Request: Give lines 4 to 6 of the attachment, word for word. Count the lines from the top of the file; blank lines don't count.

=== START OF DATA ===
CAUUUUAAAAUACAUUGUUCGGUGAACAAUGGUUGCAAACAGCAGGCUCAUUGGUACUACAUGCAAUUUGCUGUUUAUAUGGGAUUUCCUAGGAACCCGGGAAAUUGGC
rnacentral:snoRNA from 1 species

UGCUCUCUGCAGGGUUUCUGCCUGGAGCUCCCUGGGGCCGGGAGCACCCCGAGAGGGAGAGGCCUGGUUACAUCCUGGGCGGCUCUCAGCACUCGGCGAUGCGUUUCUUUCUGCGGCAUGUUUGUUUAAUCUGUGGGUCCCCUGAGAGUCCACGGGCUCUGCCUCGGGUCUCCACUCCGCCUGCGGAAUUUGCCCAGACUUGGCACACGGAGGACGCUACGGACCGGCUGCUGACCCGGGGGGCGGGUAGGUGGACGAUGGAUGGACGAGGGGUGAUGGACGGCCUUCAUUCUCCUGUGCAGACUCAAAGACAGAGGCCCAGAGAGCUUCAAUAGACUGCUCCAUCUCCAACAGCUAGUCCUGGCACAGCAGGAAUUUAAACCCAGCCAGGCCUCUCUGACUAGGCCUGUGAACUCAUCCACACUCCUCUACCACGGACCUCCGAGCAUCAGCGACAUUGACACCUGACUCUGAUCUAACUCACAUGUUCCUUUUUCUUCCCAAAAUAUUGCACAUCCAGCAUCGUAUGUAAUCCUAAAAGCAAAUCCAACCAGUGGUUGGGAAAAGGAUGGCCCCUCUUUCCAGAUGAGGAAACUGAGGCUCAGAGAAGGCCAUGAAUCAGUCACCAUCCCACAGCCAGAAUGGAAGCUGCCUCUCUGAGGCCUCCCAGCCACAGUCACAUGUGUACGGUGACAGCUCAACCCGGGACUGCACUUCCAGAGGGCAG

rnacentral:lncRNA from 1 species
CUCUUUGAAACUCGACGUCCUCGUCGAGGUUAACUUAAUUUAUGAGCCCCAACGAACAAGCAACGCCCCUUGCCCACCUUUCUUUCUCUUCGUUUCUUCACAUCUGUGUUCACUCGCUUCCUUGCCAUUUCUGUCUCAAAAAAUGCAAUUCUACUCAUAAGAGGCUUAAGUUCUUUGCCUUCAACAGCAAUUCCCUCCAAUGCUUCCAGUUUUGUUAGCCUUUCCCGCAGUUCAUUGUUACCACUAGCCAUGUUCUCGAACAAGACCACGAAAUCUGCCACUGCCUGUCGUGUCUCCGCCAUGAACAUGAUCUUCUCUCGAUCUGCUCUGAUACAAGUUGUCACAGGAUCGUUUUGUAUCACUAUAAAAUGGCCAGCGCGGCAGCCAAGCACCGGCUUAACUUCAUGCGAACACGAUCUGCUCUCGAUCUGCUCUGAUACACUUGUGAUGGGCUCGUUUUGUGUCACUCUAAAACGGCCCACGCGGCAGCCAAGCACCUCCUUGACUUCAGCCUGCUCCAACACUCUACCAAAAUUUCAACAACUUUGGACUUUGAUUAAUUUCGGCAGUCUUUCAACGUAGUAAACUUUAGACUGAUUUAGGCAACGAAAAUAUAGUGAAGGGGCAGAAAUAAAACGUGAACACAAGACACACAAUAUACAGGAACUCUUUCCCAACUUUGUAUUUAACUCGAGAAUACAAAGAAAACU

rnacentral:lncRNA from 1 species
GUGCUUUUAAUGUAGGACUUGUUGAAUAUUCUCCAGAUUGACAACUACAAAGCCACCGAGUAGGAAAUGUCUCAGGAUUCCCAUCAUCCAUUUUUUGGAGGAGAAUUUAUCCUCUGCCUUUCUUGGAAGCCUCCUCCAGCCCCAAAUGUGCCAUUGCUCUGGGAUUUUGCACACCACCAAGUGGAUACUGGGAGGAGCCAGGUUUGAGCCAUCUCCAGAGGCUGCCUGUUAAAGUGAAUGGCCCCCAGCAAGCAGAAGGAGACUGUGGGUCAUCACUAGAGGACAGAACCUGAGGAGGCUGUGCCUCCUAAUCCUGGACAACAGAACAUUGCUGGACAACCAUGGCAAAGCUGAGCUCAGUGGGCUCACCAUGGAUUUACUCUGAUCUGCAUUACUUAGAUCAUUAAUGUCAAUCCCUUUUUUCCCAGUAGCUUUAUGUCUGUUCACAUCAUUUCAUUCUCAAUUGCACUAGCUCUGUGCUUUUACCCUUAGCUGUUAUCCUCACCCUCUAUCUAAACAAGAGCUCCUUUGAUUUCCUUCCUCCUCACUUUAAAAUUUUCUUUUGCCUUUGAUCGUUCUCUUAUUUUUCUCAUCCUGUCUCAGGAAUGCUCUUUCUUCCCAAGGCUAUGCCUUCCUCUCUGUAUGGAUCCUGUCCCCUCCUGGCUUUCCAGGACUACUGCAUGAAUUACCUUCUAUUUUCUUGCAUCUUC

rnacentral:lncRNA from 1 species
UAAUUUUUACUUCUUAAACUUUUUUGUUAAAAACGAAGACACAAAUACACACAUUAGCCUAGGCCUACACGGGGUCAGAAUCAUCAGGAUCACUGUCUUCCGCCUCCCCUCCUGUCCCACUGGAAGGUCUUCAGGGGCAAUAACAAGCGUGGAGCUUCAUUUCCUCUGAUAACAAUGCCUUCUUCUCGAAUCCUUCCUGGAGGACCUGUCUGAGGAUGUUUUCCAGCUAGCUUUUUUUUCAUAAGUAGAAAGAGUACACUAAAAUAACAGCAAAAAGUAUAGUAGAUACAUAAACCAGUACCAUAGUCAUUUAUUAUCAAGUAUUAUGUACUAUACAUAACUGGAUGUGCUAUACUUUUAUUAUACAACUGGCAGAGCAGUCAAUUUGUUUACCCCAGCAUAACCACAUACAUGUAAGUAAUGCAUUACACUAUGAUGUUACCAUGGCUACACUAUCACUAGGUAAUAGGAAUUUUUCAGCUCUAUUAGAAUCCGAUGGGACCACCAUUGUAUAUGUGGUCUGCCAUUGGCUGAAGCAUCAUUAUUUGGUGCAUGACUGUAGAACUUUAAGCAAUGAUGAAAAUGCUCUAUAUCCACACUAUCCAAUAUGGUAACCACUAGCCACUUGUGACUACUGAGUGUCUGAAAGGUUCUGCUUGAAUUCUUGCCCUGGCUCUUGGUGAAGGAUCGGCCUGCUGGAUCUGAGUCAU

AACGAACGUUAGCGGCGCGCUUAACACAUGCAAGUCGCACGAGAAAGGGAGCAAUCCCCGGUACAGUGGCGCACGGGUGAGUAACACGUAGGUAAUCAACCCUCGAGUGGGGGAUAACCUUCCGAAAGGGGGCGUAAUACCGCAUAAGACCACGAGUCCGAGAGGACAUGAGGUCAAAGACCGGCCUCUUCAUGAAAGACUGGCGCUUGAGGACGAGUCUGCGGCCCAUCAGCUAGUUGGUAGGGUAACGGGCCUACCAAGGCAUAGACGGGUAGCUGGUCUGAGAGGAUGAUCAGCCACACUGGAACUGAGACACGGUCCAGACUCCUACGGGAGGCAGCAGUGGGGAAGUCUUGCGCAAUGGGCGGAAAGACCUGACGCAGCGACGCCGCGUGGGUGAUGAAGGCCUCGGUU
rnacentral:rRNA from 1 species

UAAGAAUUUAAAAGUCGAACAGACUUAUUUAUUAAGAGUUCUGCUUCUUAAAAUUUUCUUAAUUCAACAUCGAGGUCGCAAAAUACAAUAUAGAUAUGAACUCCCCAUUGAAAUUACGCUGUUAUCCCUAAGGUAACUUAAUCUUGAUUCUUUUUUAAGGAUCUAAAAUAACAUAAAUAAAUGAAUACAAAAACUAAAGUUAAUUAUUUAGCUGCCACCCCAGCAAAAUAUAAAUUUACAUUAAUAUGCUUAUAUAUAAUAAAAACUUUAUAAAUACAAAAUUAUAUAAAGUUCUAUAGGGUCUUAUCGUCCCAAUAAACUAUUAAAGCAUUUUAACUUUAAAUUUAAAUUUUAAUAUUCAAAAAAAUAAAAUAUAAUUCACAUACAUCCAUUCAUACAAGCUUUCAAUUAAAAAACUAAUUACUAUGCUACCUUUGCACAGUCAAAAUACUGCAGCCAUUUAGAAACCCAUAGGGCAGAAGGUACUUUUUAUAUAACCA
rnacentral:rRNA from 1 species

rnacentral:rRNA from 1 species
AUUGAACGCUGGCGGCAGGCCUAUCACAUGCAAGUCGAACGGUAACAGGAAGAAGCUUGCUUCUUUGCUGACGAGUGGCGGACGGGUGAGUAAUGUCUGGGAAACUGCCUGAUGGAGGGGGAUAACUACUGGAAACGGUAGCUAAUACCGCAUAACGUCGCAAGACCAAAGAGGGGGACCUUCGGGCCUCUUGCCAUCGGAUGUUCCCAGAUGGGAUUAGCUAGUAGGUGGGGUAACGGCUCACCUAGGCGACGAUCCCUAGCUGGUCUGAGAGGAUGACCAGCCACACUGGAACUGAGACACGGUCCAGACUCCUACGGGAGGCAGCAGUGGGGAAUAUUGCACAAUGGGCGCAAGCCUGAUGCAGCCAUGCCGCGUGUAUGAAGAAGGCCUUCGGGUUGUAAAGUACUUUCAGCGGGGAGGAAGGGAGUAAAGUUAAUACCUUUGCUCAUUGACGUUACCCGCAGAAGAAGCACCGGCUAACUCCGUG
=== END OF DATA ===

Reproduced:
rnacentral:lncRNA from 1 species
CUCUUUGAAACUCGACGUCCUCGUCGAGGUUAACUUAAUUUAUGAGCCCCAACGAACAAGCAACGCCCCUUGCCCACCUUUCUUUCUCUUCGUUUCUUCACAUCUGUGUUCACUCGCUUCCUUGCCAUUUCUGUCUCAAAAAAUGCAAUUCUACUCAUAAGAGGCUUAAGUUCUUUGCCUUCAACAGCAAUUCCCUCCAAUGCUUCCAGUUUUGUUAGCCUUUCCCGCAGUUCAUUGUUACCACUAGCCAUGUUCUCGAACAAGACCACGAAAUCUGCCACUGCCUGUCGUGUCUCCGCCAUGAACAUGAUCUUCUCUCGAUCUGCUCUGAUACAAGUUGUCACAGGAUCGUUUUGUAUCACUAUAAAAUGGCCAGCGCGGCAGCCAAGCACCGGCUUAACUUCAUGCGAACACGAUCUGCUCUCGAUCUGCUCUGAUACACUUGUGAUGGGCUCGUUUUGUGUCACUCUAAAACGGCCCACGCGGCAGCCAAGCACCUCCUUGACUUCAGCCUGCUCCAACACUCUACCAAAAUUUCAACAACUUUGGACUUUGAUUAAUUUCGGCAGUCUUUCAACGUAGUAAACUUUAGACUGAUUUAGGCAACGAAAAUAUAGUGAAGGGGCAGAAAUAAAACGUGAACACAAGACACACAAUAUACAGGAACUCUUUCCCAACUUUGUAUUUAACUCGAGAAUACAAAGAAAACU

rnacentral:lncRNA from 1 species